A Guide to Saxophone Lessons

Music is a wonderful skill to have and it not only enhances your quality of life (and that of those lucky enough to hear you play!) but it has been proven to enhance learning abilities, social skills, and be a great form of stress relief! I have written a brief guide to saxophone lessons to give you an idea of what to expect and how you can maximize your progress.

Attending weekly saxophone lessons is only one part of learning to play an instrument. It takes commitment outside of the music lesson, hard work and lots of support and encouragement from family and friends to achieve success.

I encourage you to take notes on what you have learnt each week in your lesson and note your practice goals for the week. You can stay in regular contact with me via email or SMS.

99.7% of the week is spent outside of the saxophone lesson. This means that the great leaps forward don’t usually happen during lessons – they happen between lessons, because that’s where the students are most of the time. Help make learning an instrument exciting with informal home concerts, listening for improvements in pieces and technique, and celebrating successes!

Learning music can seem like a very solitary endeavor with all those hours of practicing alone in a room. Playing music with friends adds a social aspect to music as well as creating opportunities for a whole new range of musical styles and instrument combinations. Practice pieces with friends and look for local community bands and music camps to make music with great people.

A regular practice routine is one of the most beneficial things for your continual development. Instead of seeing it as a chore, encourage a routine with an achievable amount of practice each day. It is much more effective to spread out practice sessions over multiple days than to attempt a marathon cram session the day before a lesson!

Every instrument has periods in the learning process that will be difficult. Perseverance is critical in overcoming these challenging periods as well as communicating difficulties and supporting one another. I am here to help and a timely phone call can help pull everyone together to solve a problem.

There are some additional costs outside of the weekly lesson fee. Students will require a working instrument, at least 3 reeds (in good condition) and music books. I expect students to purchase their own copies of music that we will focus on throughout the year and I can provide advice on the best places to source print music from. I will provide supplementary materials from my own library.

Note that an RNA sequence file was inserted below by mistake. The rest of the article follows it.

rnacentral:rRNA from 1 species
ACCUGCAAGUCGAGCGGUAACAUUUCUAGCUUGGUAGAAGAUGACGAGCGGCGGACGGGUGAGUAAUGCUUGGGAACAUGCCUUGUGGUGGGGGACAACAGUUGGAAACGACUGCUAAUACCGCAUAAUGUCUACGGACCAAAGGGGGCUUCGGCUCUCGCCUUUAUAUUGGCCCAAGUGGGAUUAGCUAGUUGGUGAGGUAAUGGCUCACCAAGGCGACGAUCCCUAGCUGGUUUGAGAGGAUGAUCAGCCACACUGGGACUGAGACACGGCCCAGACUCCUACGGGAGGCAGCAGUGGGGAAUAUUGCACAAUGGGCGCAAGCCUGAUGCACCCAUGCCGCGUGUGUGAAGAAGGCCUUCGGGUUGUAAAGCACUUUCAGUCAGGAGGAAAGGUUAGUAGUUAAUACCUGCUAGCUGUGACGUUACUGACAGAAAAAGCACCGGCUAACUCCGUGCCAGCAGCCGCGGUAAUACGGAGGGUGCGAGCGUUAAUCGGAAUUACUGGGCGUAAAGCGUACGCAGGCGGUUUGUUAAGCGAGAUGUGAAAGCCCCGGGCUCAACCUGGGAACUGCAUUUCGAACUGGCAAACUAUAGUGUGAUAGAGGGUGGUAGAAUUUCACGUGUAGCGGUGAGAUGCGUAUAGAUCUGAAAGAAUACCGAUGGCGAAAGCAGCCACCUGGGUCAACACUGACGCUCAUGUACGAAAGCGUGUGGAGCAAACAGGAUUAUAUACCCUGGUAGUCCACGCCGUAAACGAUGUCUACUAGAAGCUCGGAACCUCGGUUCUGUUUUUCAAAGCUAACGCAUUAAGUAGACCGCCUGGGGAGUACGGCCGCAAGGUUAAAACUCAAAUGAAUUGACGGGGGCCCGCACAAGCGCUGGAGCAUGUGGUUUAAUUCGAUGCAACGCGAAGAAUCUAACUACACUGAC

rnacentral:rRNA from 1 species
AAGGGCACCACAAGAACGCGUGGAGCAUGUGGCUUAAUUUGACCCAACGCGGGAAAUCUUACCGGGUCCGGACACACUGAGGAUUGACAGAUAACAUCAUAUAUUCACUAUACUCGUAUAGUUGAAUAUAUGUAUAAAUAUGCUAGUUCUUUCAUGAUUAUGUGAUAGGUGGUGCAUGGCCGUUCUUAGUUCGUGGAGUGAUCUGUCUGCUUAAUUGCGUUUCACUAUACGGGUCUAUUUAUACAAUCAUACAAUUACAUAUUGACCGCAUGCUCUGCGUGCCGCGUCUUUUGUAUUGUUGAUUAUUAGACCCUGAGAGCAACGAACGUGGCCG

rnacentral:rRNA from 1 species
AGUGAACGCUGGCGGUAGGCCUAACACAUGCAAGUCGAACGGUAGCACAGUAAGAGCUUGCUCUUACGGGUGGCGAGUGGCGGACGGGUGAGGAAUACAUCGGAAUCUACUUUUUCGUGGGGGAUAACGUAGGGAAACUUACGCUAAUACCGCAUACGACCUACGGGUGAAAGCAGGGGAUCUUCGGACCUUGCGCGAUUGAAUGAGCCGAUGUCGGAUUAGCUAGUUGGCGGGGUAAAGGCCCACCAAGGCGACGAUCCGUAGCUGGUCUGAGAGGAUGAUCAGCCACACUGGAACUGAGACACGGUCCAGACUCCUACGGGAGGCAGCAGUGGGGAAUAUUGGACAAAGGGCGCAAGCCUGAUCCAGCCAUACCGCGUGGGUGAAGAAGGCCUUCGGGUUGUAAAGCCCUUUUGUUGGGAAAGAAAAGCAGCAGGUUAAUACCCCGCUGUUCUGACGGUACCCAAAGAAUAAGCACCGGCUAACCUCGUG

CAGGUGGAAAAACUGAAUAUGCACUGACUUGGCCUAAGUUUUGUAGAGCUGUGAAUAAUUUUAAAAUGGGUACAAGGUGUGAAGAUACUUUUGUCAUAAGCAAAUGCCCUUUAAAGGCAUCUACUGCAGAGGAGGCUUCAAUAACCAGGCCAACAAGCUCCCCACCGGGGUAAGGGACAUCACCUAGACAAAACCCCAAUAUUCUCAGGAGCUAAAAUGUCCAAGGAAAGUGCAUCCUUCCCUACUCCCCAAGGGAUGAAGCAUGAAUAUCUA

Saxophones need to be kept in good condition and, like a car, require a service usually once a year. This is best done over the holidays and can make a huge difference in how your child is able to play. As they progress I will recommend upgrades to the reeds, ligature, mouthpiece or instrument if required. I am happy to give advice on any purchases. Musical instruments are not toys – they are very fragile, precision instruments. Care for your instrument by cleaning after each practice and packing it away safely in its case.


10 top tips on how friends and family can help!

  1. Offer encouragement regularly.
  2. Provide a regularly scheduled time for practice.
  3. Provide a quiet, well-lit area for practice.
  4. Provide a music stand.
  5. Listen to your practice and acknowledge improvement.
  6. Attend concerts, recitals and a wide variety of recorded music. It is especially valuable to listen to recordings of music for your instrument.
  7. Be encouraged to play for family and friends
  8. Be on time and prepared for lessons and rehearsals
  9. Be patient! Learning an instrument is hard work and cannot be accomplished overnight (but the rewards are well worth the effort).
  10. Bring your support team to studio concerts to cheer you on and celebrate your success.

Public music examinations offer a chance for students to gain an external perspective on their progress and reward them for what they have achieved. They can also be a motivation to broaden playing technique and an understanding of music. At my studio I offer preparations for AMEB and ABRSM jazz exams as well as preparing students for classroom music requirements including VCE, VET and IB.

Consistency is the key with a lesson schedule. I teach on Sunday afternoons and together we will negotiate a regular weekly time. I would encourage you to keep this time sacred and avoid having appointments and events that will conflict with your lessons. If you foresee an immovable event, let me know in advance so that we can plan around it. I am 100% committed to providing a high level, well-rounded curriculum and sequential instruction is an absolute necessity to maintain progress.

I require 24 hours notice for the cancellation of a lesson, otherwise the fee will still be required. I will do my best to reschedule any missed lessons and are usually available for lessons over the holiday period – particularly when music exams are near.

As your saxophone teacher, I want you to succeed. Let’s work together to have a positive musical experience and please let me know if you have concerns so that we can address them.

Shannon Ebeling
MMus, BTeach(hon), BMus(hon), LMusA(dis)